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Ikea adapts to consumers

An airport worker drops by Warsaw's newest Ikea store during her lunch break to finish up plans for a home refurbishment. Around her, people drift in and out of the shop, placing small houseware items in big yellow bags as cafe tables fill up with people just stopping in for lunch.

The store is not one of Ikea's out-of-the-way, maze-like warehouses that require a car to visit, but a shop like any other in a city centre shopping mall. The Swedish retailing giant plans to open 30 such smaller stores in major cities around the world as part of a broader transformation to adapt to changing consumer habits. Compared with just a decade ago, shoppers are more likely to be living in urban areas and not have a car, and often want a nearby location to look at goods like furniture in person before ordering things online.

"I like the idea because you can come any time," said 29-year-old Angelika Singh, the airport worker, as she finalized an order for a new kitchen. "Mostly when you go to Ikea you need to have a whole day free, or at least half a day free, because it's far."

Warsaw's store is located on two floors covering nearly 5,000 square meters (54,000 square feet), about one-fourth of a traditional big-box store. Similar stores have also opened in major cities like London and Madrid and more are expected, with one due next year in Paris, among other locations.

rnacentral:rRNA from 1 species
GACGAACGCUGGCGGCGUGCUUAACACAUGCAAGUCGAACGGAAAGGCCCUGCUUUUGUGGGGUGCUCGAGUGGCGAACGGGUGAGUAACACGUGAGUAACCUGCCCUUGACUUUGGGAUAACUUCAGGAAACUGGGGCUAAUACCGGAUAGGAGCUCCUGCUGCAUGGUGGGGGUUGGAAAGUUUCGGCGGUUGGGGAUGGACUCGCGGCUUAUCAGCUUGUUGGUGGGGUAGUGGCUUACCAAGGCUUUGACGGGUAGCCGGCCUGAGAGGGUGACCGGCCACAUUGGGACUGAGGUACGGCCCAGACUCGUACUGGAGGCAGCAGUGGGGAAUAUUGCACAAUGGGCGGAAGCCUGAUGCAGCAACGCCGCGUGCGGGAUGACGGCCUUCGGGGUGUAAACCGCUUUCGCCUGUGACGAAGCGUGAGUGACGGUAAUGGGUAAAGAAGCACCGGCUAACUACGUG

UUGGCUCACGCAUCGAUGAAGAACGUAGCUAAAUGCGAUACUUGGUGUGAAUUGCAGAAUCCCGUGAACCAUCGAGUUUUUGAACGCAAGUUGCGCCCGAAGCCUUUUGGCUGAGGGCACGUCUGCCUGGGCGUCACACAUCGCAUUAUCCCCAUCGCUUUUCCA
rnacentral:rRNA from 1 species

Shoppers can buy cushions, curtains and other home items. They can design the layout of bedrooms and kitchens at computer stations. But those hoping to buy a bookcase or bed will not find them stocked in a large warehouse, though they can order them at kiosks and have them delivered to their homes.

As such, it offers a very different shopping experience from the usual visit to one of the large warehouse stores.

"Ikea's been doing pretty much the same for 70 years. It's been a cash-and-carry company, and it still is for the majority of its sales," said Andreas Flygare, the project manager for the Warsaw store. Now, he explained, the company must adapt to a consumer environment that has changed dramatically in the last 10 years.

"You have companies like Amazon and Uber that are raising the bar for what is expected. Because if you can have same-day delivery, or an Uber is two minutes away, it influences other companies, like Ikea," he said in a recent interview in the store's cafe. "It can be a quite tough environment. Everything is changing so fast."

While Ikea is still profitable, its earnings have recently been growing more slowly than expected.



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